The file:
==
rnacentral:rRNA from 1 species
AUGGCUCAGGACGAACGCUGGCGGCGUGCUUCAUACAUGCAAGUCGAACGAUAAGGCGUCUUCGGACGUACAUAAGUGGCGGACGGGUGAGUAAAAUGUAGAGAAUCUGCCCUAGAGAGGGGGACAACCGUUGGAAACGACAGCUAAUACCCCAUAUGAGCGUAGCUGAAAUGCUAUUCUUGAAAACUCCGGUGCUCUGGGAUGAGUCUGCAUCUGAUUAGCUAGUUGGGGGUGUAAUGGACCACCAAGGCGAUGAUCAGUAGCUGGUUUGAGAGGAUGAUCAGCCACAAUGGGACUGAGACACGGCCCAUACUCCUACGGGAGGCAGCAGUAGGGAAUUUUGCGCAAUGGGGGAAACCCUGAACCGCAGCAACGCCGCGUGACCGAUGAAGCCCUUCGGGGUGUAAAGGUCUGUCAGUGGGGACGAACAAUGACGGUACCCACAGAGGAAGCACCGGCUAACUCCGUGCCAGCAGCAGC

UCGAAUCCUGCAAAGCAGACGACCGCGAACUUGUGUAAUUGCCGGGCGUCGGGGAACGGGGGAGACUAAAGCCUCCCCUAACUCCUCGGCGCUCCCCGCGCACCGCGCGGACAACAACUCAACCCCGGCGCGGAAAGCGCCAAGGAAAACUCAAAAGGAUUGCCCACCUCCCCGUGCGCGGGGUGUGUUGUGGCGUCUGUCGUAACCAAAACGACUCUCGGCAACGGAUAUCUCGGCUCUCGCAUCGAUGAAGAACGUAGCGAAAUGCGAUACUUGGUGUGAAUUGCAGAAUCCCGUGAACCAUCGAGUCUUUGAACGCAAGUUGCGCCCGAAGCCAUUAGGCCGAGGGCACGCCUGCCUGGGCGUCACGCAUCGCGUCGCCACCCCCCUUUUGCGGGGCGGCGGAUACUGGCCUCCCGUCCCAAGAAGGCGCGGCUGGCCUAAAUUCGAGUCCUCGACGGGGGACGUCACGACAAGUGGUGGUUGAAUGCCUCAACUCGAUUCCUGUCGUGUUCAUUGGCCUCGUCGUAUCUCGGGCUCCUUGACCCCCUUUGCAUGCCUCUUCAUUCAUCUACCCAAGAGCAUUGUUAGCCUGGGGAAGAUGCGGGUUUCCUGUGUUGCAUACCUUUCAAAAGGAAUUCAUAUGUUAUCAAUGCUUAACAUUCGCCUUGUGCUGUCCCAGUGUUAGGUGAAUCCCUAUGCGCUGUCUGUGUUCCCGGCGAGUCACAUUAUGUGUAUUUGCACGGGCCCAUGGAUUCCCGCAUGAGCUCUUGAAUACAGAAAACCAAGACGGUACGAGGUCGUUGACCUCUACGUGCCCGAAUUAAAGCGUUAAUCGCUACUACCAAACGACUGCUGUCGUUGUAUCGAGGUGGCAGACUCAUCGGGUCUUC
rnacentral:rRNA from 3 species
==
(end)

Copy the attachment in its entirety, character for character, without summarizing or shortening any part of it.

rnacentral:rRNA from 1 species
AUGGCUCAGGACGAACGCUGGCGGCGUGCUUCAUACAUGCAAGUCGAACGAUAAGGCGUCUUCGGACGUACAUAAGUGGCGGACGGGUGAGUAAAAUGUAGAGAAUCUGCCCUAGAGAGGGGGACAACCGUUGGAAACGACAGCUAAUACCCCAUAUGAGCGUAGCUGAAAUGCUAUUCUUGAAAACUCCGGUGCUCUGGGAUGAGUCUGCAUCUGAUUAGCUAGUUGGGGGUGUAAUGGACCACCAAGGCGAUGAUCAGUAGCUGGUUUGAGAGGAUGAUCAGCCACAAUGGGACUGAGACACGGCCCAUACUCCUACGGGAGGCAGCAGUAGGGAAUUUUGCGCAAUGGGGGAAACCCUGAACCGCAGCAACGCCGCGUGACCGAUGAAGCCCUUCGGGGUGUAAAGGUCUGUCAGUGGGGACGAACAAUGACGGUACCCACAGAGGAAGCACCGGCUAACUCCGUGCCAGCAGCAGC

UCGAAUCCUGCAAAGCAGACGACCGCGAACUUGUGUAAUUGCCGGGCGUCGGGGAACGGGGGAGACUAAAGCCUCCCCUAACUCCUCGGCGCUCCCCGCGCACCGCGCGGACAACAACUCAACCCCGGCGCGGAAAGCGCCAAGGAAAACUCAAAAGGAUUGCCCACCUCCCCGUGCGCGGGGUGUGUUGUGGCGUCUGUCGUAACCAAAACGACUCUCGGCAACGGAUAUCUCGGCUCUCGCAUCGAUGAAGAACGUAGCGAAAUGCGAUACUUGGUGUGAAUUGCAGAAUCCCGUGAACCAUCGAGUCUUUGAACGCAAGUUGCGCCCGAAGCCAUUAGGCCGAGGGCACGCCUGCCUGGGCGUCACGCAUCGCGUCGCCACCCCCCUUUUGCGGGGCGGCGGAUACUGGCCUCCCGUCCCAAGAAGGCGCGGCUGGCCUAAAUUCGAGUCCUCGACGGGGGACGUCACGACAAGUGGUGGUUGAAUGCCUCAACUCGAUUCCUGUCGUGUUCAUUGGCCUCGUCGUAUCUCGGGCUCCUUGACCCCCUUUGCAUGCCUCUUCAUUCAUCUACCCAAGAGCAUUGUUAGCCUGGGGAAGAUGCGGGUUUCCUGUGUUGCAUACCUUUCAAAAGGAAUUCAUAUGUUAUCAAUGCUUAACAUUCGCCUUGUGCUGUCCCAGUGUUAGGUGAAUCCCUAUGCGCUGUCUGUGUUCCCGGCGAGUCACAUUAUGUGUAUUUGCACGGGCCCAUGGAUUCCCGCAUGAGCUCUUGAAUACAGAAAACCAAGACGGUACGAGGUCGUUGACCUCUACGUGCCCGAAUUAAAGCGUUAAUCGCUACUACCAAACGACUGCUGUCGUUGUAUCGAGGUGGCAGACUCAUCGGGUCUUC
rnacentral:rRNA from 3 species